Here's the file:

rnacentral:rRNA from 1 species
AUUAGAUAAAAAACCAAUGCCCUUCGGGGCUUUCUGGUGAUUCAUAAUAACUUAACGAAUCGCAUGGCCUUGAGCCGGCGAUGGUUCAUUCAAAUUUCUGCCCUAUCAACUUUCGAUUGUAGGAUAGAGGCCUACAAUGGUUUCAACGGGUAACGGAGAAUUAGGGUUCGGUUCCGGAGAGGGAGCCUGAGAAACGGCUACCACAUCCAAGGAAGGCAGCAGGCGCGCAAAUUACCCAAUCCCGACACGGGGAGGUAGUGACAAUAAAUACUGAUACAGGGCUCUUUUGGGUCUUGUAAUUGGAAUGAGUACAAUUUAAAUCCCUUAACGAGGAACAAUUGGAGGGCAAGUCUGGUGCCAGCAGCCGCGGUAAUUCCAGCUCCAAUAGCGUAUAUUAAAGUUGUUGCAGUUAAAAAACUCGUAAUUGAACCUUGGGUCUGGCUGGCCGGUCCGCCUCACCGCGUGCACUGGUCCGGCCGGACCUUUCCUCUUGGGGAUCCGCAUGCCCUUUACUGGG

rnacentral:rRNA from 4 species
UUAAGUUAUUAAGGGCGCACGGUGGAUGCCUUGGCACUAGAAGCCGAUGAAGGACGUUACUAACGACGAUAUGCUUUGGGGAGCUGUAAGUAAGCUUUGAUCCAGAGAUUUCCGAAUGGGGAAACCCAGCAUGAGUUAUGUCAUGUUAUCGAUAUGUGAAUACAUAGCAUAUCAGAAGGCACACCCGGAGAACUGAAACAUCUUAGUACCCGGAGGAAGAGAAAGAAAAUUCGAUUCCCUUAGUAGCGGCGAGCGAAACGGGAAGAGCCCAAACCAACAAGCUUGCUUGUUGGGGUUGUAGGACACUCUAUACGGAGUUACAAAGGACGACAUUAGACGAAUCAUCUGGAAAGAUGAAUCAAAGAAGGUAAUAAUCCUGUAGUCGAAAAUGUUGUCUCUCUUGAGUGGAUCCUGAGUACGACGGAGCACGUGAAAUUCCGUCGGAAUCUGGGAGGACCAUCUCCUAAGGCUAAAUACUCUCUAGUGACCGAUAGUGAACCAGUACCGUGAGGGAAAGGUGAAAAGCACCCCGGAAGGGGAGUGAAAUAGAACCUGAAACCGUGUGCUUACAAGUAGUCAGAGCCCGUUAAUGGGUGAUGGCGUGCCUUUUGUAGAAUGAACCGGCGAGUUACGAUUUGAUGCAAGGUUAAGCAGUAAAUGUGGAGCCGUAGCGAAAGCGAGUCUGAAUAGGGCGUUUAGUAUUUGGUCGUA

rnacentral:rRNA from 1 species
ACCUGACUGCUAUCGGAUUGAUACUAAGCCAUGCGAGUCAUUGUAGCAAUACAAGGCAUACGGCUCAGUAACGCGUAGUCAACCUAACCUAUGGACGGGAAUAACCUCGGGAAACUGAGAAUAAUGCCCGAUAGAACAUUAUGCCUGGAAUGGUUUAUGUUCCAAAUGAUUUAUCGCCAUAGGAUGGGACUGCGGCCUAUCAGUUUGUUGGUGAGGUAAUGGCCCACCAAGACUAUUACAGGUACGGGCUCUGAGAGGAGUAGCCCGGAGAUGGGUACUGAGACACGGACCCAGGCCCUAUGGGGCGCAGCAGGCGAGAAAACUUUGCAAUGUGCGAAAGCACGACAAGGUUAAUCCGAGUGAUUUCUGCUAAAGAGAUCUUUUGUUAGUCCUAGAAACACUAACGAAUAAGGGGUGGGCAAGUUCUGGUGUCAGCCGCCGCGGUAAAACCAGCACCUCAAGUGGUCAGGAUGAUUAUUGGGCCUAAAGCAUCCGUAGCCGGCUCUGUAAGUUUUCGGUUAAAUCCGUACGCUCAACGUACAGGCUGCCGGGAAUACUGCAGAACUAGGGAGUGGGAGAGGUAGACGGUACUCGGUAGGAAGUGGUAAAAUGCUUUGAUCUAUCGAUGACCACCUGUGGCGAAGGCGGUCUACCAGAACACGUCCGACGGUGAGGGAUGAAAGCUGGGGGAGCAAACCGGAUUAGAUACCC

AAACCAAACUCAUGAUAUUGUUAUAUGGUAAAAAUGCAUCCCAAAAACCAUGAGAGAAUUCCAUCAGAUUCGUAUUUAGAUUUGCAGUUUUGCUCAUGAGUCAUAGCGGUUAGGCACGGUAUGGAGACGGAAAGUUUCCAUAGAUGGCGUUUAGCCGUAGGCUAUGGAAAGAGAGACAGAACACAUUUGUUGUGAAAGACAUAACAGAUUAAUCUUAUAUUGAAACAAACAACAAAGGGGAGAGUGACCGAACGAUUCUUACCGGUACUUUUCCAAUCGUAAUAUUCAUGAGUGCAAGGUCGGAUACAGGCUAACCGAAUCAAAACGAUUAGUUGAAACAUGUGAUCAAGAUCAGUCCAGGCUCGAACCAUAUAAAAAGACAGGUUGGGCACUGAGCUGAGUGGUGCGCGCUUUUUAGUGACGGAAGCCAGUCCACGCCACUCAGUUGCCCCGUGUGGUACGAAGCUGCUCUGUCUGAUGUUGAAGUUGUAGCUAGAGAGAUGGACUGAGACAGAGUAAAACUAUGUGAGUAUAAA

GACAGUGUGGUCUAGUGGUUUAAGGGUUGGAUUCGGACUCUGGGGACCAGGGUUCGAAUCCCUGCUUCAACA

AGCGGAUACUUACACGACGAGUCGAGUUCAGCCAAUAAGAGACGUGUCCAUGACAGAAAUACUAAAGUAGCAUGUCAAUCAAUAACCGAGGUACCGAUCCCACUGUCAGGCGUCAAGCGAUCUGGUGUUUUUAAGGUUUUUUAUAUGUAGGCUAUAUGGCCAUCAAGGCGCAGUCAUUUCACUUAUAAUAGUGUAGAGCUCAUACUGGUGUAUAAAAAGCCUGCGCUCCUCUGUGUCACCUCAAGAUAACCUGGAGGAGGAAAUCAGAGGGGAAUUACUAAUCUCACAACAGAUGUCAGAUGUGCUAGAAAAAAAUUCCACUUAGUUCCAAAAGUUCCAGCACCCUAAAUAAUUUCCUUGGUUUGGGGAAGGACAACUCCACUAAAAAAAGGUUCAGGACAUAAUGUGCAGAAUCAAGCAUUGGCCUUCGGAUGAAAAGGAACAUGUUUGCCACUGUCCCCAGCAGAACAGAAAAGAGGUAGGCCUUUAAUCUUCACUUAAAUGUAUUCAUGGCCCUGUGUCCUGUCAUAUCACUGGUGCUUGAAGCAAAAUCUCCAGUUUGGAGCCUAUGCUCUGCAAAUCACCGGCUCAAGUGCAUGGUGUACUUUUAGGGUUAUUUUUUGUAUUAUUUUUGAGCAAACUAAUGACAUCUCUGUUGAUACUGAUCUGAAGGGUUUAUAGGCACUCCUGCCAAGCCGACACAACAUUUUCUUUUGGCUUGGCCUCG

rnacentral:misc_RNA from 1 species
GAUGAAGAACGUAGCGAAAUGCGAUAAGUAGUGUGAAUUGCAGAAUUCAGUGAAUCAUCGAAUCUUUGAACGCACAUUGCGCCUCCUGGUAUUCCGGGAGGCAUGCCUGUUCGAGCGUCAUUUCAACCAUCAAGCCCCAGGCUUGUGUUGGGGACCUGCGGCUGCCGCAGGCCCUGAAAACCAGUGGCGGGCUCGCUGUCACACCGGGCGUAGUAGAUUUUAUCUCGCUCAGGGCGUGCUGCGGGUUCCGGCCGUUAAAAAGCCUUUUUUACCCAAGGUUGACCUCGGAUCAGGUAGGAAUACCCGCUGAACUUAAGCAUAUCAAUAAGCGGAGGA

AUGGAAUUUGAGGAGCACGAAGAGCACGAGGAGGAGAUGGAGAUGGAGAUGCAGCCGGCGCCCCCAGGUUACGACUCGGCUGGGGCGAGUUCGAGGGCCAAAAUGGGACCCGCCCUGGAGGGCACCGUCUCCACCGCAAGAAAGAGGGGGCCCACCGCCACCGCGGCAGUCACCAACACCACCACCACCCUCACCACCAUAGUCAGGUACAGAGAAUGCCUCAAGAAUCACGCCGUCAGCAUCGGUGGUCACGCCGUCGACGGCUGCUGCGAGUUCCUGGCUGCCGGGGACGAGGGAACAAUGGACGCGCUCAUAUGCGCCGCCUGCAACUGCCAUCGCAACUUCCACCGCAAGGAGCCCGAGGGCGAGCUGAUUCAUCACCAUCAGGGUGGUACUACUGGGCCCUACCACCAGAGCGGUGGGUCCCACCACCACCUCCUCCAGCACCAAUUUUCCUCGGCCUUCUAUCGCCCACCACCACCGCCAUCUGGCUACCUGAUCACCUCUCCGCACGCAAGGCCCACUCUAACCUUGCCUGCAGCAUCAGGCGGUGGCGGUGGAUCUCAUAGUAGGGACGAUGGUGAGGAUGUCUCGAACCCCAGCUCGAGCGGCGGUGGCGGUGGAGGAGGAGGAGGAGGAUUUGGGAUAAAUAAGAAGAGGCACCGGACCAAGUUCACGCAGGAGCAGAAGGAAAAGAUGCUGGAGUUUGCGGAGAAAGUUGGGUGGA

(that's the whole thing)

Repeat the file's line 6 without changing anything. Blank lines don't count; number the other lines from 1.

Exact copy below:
ACCUGACUGCUAUCGGAUUGAUACUAAGCCAUGCGAGUCAUUGUAGCAAUACAAGGCAUACGGCUCAGUAACGCGUAGUCAACCUAACCUAUGGACGGGAAUAACCUCGGGAAACUGAGAAUAAUGCCCGAUAGAACAUUAUGCCUGGAAUGGUUUAUGUUCCAAAUGAUUUAUCGCCAUAGGAUGGGACUGCGGCCUAUCAGUUUGUUGGUGAGGUAAUGGCCCACCAAGACUAUUACAGGUACGGGCUCUGAGAGGAGUAGCCCGGAGAUGGGUACUGAGACACGGACCCAGGCCCUAUGGGGCGCAGCAGGCGAGAAAACUUUGCAAUGUGCGAAAGCACGACAAGGUUAAUCCGAGUGAUUUCUGCUAAAGAGAUCUUUUGUUAGUCCUAGAAACACUAACGAAUAAGGGGUGGGCAAGUUCUGGUGUCAGCCGCCGCGGUAAAACCAGCACCUCAAGUGGUCAGGAUGAUUAUUGGGCCUAAAGCAUCCGUAGCCGGCUCUGUAAGUUUUCGGUUAAAUCCGUACGCUCAACGUACAGGCUGCCGGGAAUACUGCAGAACUAGGGAGUGGGAGAGGUAGACGGUACUCGGUAGGAAGUGGUAAAAUGCUUUGAUCUAUCGAUGACCACCUGUGGCGAAGGCGGUCUACCAGAACACGUCCGACGGUGAGGGAUGAAAGCUGGGGGAGCAAACCGGAUUAGAUACCC